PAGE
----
Major species were left out of the QMS.  The most important of these were the kahawai.  The Ministry was warned this would mean the purse seiners would slaughter the fish without regard for the future.  The Ministry replied that it would be fine; no one wanted the kahawai anyway.  You know the rest of the story; the kahawai were fished nearly to oblivion before the Ministry acted in response to the personal lobbying of Minister Kidd, several TV shows and dozens of articles in various papers and magazine.  Even then the quotas were way too high and the kahawai have never recovered. 

Despite considerable criticism the safe biomass for all species was set at 20%.  That means the Ministry was saying it’s safe to fish down the virgin biomass of a species by 80% and that the species would still be able to reproduce fast enough to replenish itself. This was patently absurd and not based on any studies of NZ fish.  The challenges to this“knife edge management” were ignored and we were patronized at meetings.  Later on I’ll explore how the failure to do enough research compounded this arrogance.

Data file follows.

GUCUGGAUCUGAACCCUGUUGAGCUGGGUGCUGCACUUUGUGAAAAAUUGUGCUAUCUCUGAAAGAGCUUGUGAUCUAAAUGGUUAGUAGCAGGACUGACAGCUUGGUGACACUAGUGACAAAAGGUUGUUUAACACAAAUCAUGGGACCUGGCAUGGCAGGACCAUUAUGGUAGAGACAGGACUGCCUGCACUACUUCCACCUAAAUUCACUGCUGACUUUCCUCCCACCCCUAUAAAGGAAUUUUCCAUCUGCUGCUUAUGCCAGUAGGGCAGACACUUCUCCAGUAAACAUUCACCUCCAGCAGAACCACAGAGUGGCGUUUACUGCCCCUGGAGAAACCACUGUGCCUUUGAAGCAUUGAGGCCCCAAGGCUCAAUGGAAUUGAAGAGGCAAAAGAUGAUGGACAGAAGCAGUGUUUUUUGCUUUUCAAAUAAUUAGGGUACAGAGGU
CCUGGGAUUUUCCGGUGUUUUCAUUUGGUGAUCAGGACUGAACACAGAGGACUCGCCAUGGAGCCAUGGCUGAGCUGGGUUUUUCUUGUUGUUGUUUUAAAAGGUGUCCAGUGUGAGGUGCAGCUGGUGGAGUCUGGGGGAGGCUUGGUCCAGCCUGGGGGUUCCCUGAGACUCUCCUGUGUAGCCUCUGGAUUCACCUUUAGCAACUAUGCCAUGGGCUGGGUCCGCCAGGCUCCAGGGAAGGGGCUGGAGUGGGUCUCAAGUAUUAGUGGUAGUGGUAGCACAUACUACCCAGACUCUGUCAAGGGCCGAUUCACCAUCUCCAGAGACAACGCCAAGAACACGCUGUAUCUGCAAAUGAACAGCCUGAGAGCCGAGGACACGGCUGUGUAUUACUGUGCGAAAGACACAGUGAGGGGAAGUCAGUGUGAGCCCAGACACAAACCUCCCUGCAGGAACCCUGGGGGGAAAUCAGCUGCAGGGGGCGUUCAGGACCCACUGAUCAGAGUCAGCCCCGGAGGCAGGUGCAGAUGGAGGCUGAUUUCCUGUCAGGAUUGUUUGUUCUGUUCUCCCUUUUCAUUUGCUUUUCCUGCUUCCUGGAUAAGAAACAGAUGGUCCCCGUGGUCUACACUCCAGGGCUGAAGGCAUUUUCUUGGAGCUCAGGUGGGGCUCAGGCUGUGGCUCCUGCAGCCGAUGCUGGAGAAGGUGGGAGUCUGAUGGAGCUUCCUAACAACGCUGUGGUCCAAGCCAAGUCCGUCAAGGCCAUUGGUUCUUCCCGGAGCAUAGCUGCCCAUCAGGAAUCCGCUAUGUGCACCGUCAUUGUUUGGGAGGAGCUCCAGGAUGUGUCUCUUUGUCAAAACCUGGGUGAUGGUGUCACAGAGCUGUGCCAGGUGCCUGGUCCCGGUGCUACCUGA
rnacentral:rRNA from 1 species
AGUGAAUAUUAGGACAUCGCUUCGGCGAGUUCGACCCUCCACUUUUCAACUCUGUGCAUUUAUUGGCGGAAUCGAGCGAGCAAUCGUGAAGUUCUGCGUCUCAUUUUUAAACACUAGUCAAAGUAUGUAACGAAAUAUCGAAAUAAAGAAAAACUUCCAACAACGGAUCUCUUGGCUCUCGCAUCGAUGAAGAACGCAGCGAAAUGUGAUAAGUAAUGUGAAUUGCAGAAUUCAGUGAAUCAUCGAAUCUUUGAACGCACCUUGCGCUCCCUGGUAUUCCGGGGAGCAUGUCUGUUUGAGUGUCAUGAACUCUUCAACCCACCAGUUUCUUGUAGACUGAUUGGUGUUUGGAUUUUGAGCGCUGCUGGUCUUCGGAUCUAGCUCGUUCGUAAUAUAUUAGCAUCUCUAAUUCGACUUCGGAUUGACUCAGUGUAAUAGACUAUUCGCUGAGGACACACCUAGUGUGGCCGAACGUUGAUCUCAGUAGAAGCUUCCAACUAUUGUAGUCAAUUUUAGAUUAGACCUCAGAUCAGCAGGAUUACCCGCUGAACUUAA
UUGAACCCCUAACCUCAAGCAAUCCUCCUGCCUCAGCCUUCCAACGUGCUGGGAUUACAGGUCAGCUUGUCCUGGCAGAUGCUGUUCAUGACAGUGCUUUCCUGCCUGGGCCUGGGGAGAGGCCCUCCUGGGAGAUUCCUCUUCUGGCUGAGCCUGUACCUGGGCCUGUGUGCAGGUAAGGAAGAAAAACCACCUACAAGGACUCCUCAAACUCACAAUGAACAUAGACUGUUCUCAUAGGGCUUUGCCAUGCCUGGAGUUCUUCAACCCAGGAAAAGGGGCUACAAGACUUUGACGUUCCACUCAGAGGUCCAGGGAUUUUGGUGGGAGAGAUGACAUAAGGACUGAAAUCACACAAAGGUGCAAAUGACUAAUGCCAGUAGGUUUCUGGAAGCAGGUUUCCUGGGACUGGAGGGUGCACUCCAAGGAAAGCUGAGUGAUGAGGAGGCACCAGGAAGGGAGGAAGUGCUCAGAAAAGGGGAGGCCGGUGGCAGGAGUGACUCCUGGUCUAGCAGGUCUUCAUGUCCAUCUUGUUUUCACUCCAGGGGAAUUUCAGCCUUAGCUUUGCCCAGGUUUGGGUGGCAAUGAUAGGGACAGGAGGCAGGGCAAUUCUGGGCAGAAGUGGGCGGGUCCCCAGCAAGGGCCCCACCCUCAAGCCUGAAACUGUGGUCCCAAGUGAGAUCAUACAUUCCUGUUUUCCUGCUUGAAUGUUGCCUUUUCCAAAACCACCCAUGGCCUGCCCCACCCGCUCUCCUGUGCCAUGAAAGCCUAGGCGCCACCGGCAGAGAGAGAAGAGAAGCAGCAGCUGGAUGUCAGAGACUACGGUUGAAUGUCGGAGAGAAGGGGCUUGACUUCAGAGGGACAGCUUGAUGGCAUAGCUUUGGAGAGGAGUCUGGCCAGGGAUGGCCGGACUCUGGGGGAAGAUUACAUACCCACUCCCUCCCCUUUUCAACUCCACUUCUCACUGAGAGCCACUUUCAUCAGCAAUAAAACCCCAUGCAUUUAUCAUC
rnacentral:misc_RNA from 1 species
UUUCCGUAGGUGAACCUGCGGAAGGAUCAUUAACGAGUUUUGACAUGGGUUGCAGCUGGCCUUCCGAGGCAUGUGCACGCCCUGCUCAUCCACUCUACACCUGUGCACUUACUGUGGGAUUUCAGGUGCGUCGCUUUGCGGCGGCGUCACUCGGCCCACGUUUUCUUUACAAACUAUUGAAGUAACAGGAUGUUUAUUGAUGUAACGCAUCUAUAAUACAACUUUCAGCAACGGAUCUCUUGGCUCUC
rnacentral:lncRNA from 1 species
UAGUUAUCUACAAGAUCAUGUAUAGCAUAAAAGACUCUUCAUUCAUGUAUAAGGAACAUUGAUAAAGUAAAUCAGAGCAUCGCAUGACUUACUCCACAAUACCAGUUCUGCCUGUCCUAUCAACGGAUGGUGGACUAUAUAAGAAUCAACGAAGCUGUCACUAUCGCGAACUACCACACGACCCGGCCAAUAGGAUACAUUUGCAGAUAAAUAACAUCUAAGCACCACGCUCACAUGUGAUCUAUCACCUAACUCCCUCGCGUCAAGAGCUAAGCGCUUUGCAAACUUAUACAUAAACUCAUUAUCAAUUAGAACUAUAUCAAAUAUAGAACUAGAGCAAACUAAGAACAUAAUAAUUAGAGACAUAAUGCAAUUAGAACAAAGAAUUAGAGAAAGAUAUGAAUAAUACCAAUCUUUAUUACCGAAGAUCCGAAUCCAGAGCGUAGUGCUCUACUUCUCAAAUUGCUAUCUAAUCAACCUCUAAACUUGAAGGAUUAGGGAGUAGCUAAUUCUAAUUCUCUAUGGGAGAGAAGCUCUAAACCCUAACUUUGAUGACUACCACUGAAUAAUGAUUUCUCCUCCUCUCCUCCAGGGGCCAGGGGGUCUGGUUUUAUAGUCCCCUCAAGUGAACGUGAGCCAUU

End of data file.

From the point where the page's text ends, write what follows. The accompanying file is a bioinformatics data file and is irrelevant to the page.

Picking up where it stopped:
Next article I’ll explore how the QMS has failed us over the past 34 years and what you can do to fix a corrupted system.

<c> Kahawai -slaughtered by purse seiners, but it’s a major recreational fish

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10 Responses to NZ’s Fisheries – the QMS – 34 Years of Failure

  1. Charles Henry says:

    The Guardian – a respected English newspaper – a bit of an oxymoron

  2. Josh Anderson says:

    The quota management system was designed under the neo-liberal ‘free market’ ethos. It will deliver benefits only to the corporate sector – that is what Rogernomics/Thatcherism is about. It was doomed to fail from the start. The health of the fishery and the public’s recreational fishery has been sacrificed. Excellent article Mark Feldman.